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Reflections on Justice John Matheson’s Landmark Decision in Clark v Clark

In 1982, Justin Clark made history when he successfully defeated his parents’ application to have him declared legally incapable of making his own decisions. Justin had lived in the Rideau Regional Centre in Lanark County for 18 of his 20 years of life, and suffered multiple disabilities as a result of cerebral palsy. » Read the rest

New Developments in Harassment and Poisoned Environment Jurisprudence in Ontario

  • July 24, 2017
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The month of June, 2017 was full of promising decisions from the Ontario Human Rights Tribunal with respect to workplace harassment and poisoned environment. In Gricken v Andriano, the Tribunal awarded $20,000 to a complainant whose landlord persistently harassed her on the basis of sex. In George v 1735475 Ontario Limited, the Tribunal also awarded $20,000 to the complainant, this time based on a poisoned work environment on the basis of race. » Read the rest

New Decision Puts Responsibility on Employers to Remedy Poisoned Work Environments

  • July 24, 2017
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The Human Rights Tribunal of Ontario’s recent decision in George v 1735475 Ontario Limited (2017 HRTO 761) is an important precedent in combatting discrimination that permeates a work environment. This type of discrimination is known as a ‘poisoned environment’. In this case, a construction company was found liable for a racially poisoned environment. » Read the rest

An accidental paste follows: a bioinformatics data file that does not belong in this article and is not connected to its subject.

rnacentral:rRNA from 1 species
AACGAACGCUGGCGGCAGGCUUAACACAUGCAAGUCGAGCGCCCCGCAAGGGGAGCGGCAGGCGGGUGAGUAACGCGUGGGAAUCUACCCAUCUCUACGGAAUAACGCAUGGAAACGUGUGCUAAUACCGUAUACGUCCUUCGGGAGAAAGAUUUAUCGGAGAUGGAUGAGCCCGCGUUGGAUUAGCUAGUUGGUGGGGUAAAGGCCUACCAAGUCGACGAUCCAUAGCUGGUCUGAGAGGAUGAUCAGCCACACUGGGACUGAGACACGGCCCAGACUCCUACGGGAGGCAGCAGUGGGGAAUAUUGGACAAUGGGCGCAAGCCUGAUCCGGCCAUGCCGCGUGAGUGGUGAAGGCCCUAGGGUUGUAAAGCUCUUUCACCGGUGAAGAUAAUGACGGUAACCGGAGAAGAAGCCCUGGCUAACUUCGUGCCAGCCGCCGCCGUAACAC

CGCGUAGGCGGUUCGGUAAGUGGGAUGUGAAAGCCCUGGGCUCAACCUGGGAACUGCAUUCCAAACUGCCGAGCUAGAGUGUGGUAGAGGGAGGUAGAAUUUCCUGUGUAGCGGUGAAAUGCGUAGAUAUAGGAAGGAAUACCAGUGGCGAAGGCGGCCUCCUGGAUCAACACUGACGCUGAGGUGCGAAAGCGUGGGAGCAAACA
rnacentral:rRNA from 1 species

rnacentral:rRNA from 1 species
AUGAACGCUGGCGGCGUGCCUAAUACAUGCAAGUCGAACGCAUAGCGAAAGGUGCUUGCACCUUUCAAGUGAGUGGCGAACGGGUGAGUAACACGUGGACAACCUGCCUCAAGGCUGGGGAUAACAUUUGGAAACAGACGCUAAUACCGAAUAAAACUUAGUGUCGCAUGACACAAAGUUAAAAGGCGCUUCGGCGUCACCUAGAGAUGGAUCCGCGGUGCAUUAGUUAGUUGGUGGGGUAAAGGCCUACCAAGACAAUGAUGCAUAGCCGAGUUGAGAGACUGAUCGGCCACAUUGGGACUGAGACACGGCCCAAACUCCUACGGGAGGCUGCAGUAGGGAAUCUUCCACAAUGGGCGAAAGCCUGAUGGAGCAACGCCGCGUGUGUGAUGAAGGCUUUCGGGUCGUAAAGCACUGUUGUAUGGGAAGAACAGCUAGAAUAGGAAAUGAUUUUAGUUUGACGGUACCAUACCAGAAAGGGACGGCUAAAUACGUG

Human Rights Tribunal of Ontario awards compensation to tenant whose landlord “made her personal life a misery”

  • July 24, 2017
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In Gricken v Andriano, 2017 HRTO 698, Janice Gricken brought an application before the HRTO alleging discrimination with respect to housing based on sex, age, and perceived receipt of public assistance, as well as reprisal, contrary to the Ontario Human Rights Code. The application was made against Ms. Gricken’s landlord, Jacques Andriano. » Read the rest

Ontario Superior Court Recognizes Independent Tort of Harassment in Sweeping Critique of the RCMP

  • July 24, 2017
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On February 28, 2017, the Ontario Superior Court released a lengthy, sweeping judgment, criticizing the RCMP and its officers for a prolonged campaign of harassment against Sergeant Peter Merrifield.

Over a period of seven years, the Court found that members of the RCMP had launched unsubstantiated disciplinary investigations against Sergeant Merrifield; had transferred Sergeant Merrifield away from his field of expertise and denied him assignments; accused him of “kiting” or stealing funds from his RCMP American Express card; critiqued Sergeant Merrifield for engaging in public appearances; made disparaging comments about Sergeant Merrifield to his human intelligence sources as well as other members of the RCMP; and ultimately did what they could to ensure Sergeant Merrifield’s illustrious career was stonewalled. » Read the rest